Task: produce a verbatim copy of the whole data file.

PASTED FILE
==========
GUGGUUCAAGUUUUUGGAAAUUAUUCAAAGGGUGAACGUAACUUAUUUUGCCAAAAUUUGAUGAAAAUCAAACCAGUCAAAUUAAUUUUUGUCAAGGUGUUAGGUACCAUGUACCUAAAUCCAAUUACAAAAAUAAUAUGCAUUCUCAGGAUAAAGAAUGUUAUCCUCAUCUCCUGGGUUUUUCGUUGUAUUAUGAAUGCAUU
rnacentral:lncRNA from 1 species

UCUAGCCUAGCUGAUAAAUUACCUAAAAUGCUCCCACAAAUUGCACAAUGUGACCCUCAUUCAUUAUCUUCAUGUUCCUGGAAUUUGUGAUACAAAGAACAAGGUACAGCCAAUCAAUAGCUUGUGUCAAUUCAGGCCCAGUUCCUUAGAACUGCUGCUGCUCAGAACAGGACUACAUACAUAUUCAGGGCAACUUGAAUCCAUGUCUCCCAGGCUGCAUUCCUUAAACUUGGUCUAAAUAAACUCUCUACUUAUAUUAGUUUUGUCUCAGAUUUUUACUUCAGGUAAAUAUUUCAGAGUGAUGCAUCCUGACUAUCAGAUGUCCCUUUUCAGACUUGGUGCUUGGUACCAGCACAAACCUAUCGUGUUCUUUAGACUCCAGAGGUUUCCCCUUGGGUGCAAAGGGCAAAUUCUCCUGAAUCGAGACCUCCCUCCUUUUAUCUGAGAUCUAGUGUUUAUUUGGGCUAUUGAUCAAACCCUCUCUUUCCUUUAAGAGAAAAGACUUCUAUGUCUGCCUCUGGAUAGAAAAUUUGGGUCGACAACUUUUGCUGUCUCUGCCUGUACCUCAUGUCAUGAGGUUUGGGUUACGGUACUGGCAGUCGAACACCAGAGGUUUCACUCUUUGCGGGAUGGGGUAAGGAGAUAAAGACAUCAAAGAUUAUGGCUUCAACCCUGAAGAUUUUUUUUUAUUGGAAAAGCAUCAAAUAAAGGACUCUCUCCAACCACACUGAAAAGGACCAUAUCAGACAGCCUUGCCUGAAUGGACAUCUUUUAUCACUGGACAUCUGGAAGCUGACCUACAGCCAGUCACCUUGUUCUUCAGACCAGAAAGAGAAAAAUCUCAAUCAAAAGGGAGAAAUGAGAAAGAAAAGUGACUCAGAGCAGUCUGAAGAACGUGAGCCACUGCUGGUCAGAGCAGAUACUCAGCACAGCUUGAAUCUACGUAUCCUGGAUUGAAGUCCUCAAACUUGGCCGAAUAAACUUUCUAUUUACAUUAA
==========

GUGGUUCAAGUUUUUGGAAAUUAUUCAAAGGGUGAACGUAACUUAUUUUGCCAAAAUUUGAUGAAAAUCAAACCAGUCAAAUUAAUUUUUGUCAAGGUGUUAGGUACCAUGUACCUAAAUCCAAUUACAAAAAUAAUAUGCAUUCUCAGGAUAAAGAAUGUUAUCCUCAUCUCCUGGGUUUUUCGUUGUAUUAUGAAUGCAUU
rnacentral:lncRNA from 1 species

UCUAGCCUAGCUGAUAAAUUACCUAAAAUGCUCCCACAAAUUGCACAAUGUGACCCUCAUUCAUUAUCUUCAUGUUCCUGGAAUUUGUGAUACAAAGAACAAGGUACAGCCAAUCAAUAGCUUGUGUCAAUUCAGGCCCAGUUCCUUAGAACUGCUGCUGCUCAGAACAGGACUACAUACAUAUUCAGGGCAACUUGAAUCCAUGUCUCCCAGGCUGCAUUCCUUAAACUUGGUCUAAAUAAACUCUCUACUUAUAUUAGUUUUGUCUCAGAUUUUUACUUCAGGUAAAUAUUUCAGAGUGAUGCAUCCUGACUAUCAGAUGUCCCUUUUCAGACUUGGUGCUUGGUACCAGCACAAACCUAUCGUGUUCUUUAGACUCCAGAGGUUUCCCCUUGGGUGCAAAGGGCAAAUUCUCCUGAAUCGAGACCUCCCUCCUUUUAUCUGAGAUCUAGUGUUUAUUUGGGCUAUUGAUCAAACCCUCUCUUUCCUUUAAGAGAAAAGACUUCUAUGUCUGCCUCUGGAUAGAAAAUUUGGGUCGACAACUUUUGCUGUCUCUGCCUGUACCUCAUGUCAUGAGGUUUGGGUUACGGUACUGGCAGUCGAACACCAGAGGUUUCACUCUUUGCGGGAUGGGGUAAGGAGAUAAAGACAUCAAAGAUUAUGGCUUCAACCCUGAAGAUUUUUUUUUAUUGGAAAAGCAUCAAAUAAAGGACUCUCUCCAACCACACUGAAAAGGACCAUAUCAGACAGCCUUGCCUGAAUGGACAUCUUUUAUCACUGGACAUCUGGAAGCUGACCUACAGCCAGUCACCUUGUUCUUCAGACCAGAAAGAGAAAAAUCUCAAUCAAAAGGGAGAAAUGAGAAAGAAAAGUGACUCAGAGCAGUCUGAAGAACGUGAGCCACUGCUGGUCAGAGCAGAUACUCAGCACAGCUUGAAUCUACGUAUCCUGGAUUGAAGUCCUCAAACUUGGCCGAAUAAACUUUCUAUUUACAUUAA